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Your doctor may recommend that you undergo a cardiac stress test if you are having symptoms of underlying heart problems. This test is used to measure your heart's ability to respond to external stress in a controlled clinical environment.
St. Joseph's Heart & Vascular Institute provides exceptional diagnostics for our heart and vascular patients. Our physicians use the latest technology to ensure an accurate diagnosis so we can provide you with the best course of treatment available.
A stress test is used to evaluate the heart and vascular system during exercise and can help answer two questions:
Your stress test results can help your doctor figure out whether coronary artery disease (CAD) is producing blockages in the coronary arteries that supply blood to the heart muscle. If a partial blockage is present, the heart muscle may still get all the blood it needs when you are resting, but not while under stress (during exercise).
Because exercise raises adrenaline levels, stress tests can also detect certain cardiac arrhythmias and help measure how well your heart works, also known as its the "functional capacity."
During the test, you will walk on a treadmill or ride a stationary exercise bike while connected to an electrocardiogram (ECG). The ECG will be attached to your chest with leads (wires) and a blood pressure cuff will be placed on your arm. A sensor may be placed on your finger to measure the amount of oxygen in your blood.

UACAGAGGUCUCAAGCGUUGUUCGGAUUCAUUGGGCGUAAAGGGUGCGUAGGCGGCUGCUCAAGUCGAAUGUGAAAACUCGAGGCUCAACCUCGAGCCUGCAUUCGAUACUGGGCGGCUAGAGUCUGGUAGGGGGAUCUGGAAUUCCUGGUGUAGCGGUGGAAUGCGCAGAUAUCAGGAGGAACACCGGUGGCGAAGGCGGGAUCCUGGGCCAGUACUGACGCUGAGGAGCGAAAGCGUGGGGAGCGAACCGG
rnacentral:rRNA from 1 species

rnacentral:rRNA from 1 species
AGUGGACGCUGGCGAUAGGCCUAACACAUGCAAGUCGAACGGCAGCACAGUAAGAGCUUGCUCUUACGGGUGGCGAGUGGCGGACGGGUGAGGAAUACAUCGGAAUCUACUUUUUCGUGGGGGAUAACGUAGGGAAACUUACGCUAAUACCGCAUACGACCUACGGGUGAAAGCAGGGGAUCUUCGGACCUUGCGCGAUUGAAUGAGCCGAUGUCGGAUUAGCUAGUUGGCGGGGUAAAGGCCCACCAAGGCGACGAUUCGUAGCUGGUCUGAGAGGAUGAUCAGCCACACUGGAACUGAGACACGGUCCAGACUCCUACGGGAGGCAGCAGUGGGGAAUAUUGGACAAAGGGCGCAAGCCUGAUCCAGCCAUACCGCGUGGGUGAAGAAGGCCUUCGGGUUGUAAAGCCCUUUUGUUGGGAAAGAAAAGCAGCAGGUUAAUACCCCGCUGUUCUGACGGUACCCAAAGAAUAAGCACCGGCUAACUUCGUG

At first, you will exercise at a very low level, and then gradually increase how fast you are walking, jogging or pedaling. With each increase, a doctor or technician will measure your symptoms and blood pressure.
After the test, you will be monitored until any symptoms disappear and until your pulse, blood pressure and ECG return to their baseline levels.
A cardiac stress test would be ordered by your physician to help diagnose any underlying cardiac conditions.
The American Heart Association recommends exercise treadmill testing for patients with medium risk of coronary heart disease, determined by risk factors such as smoking, family history, high blood pressure, diabetes and high cholesterol.
Your doctor may order an exercise stress test if you are able to walk and perform exercise. If you are unable to do that, your doctor may order a pharmacological stress test.